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The first Orange Drive festival took over the sand between 6th and 9th streets alongside Ocean Drive from December 31 to January 2, and drew some 15,000 attendees. Comprised of four events, the festival was meant to drive tourism and included a New Year’s Eve party, a Latin music festival, a New Year's Day concert for kids, and a pep rally leading up to the January 3 Discover Orange Bowl game between Virginia Tech and Stanford University. New York-based Union Square Agency and the Orange Bowl Committee collaborated on the festival, which was planned in just four months.
“We were approached by the Orange Bowl Committee and the City of Miami Beach to create an opportunity to engage the local community, and to attract people from other parts of the world to come to South Beach around New Year’s and the time of the Orange Bowl,” said Shawn Garrity, president of Union Square Agency, which produced and managed the festival. “It was really a good opportunity to hit different markets and leverage the substantial physical footprint we developed there.”
Radio Disney hosted the first of four events, the Noon Year’s Eve Kids Countdown, on December 31, featuring punk pop-rock band Kicking Daisies. Next up was Jam on the Sand, a New Year's Eve party headlined by Leona Lewis, Natasha Bedingfield, and DJ Irie that wrapped up at 2 a.m. On New Year’s Day, salsa legend Gilberto Santa Rosa performed, along with others, at the En Vivo Latin Festival. The Gridiron Bash Pep Rally, the last of the Orange Drive festivities, took place on January 2, featuring Entourage’s Adrian Grenier and his band the Honey Brothers, along with comedian Adam Carolla. The marching bands from both schools competing in the Orange Bowl also performed during this event. Garrity said the two most successful events were Jam on the Sand and the pep rally; they each drew about 5,000 people.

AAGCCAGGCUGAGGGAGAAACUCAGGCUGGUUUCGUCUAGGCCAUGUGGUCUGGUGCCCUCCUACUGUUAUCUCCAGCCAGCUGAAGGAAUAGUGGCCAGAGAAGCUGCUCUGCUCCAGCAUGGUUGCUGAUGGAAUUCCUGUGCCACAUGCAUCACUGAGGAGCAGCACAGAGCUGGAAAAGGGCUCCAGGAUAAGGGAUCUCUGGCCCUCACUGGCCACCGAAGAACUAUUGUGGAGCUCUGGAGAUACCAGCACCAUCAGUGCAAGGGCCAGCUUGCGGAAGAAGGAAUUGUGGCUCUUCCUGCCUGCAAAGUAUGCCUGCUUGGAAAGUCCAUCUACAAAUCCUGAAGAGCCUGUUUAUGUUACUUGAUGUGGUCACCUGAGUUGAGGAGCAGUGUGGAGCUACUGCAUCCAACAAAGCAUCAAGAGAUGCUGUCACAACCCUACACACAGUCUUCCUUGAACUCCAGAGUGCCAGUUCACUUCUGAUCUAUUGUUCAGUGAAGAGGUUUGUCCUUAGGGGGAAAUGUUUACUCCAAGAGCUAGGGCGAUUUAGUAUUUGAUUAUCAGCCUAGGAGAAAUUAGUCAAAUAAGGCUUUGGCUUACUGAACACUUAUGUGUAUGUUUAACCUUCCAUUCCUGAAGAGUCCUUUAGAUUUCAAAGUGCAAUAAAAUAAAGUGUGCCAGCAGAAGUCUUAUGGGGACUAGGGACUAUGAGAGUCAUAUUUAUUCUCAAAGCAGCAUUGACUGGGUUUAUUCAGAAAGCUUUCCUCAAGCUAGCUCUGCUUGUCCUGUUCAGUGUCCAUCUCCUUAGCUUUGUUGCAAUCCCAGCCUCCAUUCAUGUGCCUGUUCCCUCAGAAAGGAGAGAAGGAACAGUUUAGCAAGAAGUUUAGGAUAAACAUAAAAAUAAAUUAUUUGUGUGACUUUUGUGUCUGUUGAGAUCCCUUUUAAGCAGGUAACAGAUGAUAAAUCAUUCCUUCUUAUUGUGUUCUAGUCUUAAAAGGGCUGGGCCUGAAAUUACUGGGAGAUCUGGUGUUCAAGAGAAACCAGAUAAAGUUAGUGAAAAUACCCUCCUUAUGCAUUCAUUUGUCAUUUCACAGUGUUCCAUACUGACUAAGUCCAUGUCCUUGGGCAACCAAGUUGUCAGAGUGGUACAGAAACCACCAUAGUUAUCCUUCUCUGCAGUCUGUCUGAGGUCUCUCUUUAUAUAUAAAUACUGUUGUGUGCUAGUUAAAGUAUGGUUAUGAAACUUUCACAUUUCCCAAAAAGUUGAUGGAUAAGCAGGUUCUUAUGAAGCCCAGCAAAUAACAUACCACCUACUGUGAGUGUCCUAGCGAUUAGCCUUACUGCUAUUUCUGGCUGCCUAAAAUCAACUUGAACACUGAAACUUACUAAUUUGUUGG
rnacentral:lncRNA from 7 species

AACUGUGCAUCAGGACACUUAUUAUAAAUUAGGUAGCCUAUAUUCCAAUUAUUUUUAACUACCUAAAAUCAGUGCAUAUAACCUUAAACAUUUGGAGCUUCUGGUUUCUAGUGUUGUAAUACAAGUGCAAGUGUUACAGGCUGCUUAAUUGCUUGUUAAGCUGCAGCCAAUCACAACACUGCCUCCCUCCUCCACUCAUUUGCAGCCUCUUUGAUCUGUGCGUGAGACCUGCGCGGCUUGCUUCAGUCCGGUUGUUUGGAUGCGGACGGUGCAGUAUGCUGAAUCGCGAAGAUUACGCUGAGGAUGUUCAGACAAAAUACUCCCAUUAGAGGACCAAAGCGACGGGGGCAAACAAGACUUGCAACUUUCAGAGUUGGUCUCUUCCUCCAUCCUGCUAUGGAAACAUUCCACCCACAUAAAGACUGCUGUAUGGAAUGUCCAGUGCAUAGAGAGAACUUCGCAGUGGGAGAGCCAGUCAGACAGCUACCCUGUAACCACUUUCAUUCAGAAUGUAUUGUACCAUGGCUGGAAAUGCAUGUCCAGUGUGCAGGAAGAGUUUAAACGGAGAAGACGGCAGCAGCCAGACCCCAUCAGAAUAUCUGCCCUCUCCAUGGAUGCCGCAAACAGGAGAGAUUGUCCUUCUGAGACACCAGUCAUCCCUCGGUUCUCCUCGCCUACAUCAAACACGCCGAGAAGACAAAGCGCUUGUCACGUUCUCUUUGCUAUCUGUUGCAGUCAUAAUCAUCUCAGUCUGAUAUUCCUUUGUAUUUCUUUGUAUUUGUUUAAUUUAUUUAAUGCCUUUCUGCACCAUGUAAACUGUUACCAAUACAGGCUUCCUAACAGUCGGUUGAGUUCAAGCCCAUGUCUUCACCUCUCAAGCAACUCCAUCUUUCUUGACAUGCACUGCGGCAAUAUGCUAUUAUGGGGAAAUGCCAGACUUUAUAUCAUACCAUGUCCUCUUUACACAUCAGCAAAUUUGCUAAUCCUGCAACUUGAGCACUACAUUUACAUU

The organizers of the multiday festival, sponsored by Cointreau, Boost Mobile, and Barefoot Wine & Bubbly, implemented an “aggressive 360 campaign” leading up to the events, consisting of a social media push (on Facebook and Twitter), advertising in national (Radio Disney) and local (The Miami Herald) media, aerial advertising, and flyers. Tickets were sold 45 days in advance on the event’s Web site, as well as through secondary online partners, though the majority of attendees (about 70 percent) bought tickets on site. According to Garrity, people from more than 35 countries attended Orange Drive; he hopes that number will grow in the coming years.
“We’ve entered into a four-year contract [with the Orange Bowl Committee],” he said. “However, if it’s not working, the city could decide we’re not doing it again. The great news is, we’ve already gotten the approval for 2011 and we will have a lot more time to plan. This will give us time to develop our sponsorship programs and get it the national media attention it deserves. It was really widely accepted, and the feedback has been mostly positive from everybody’s standpoint.”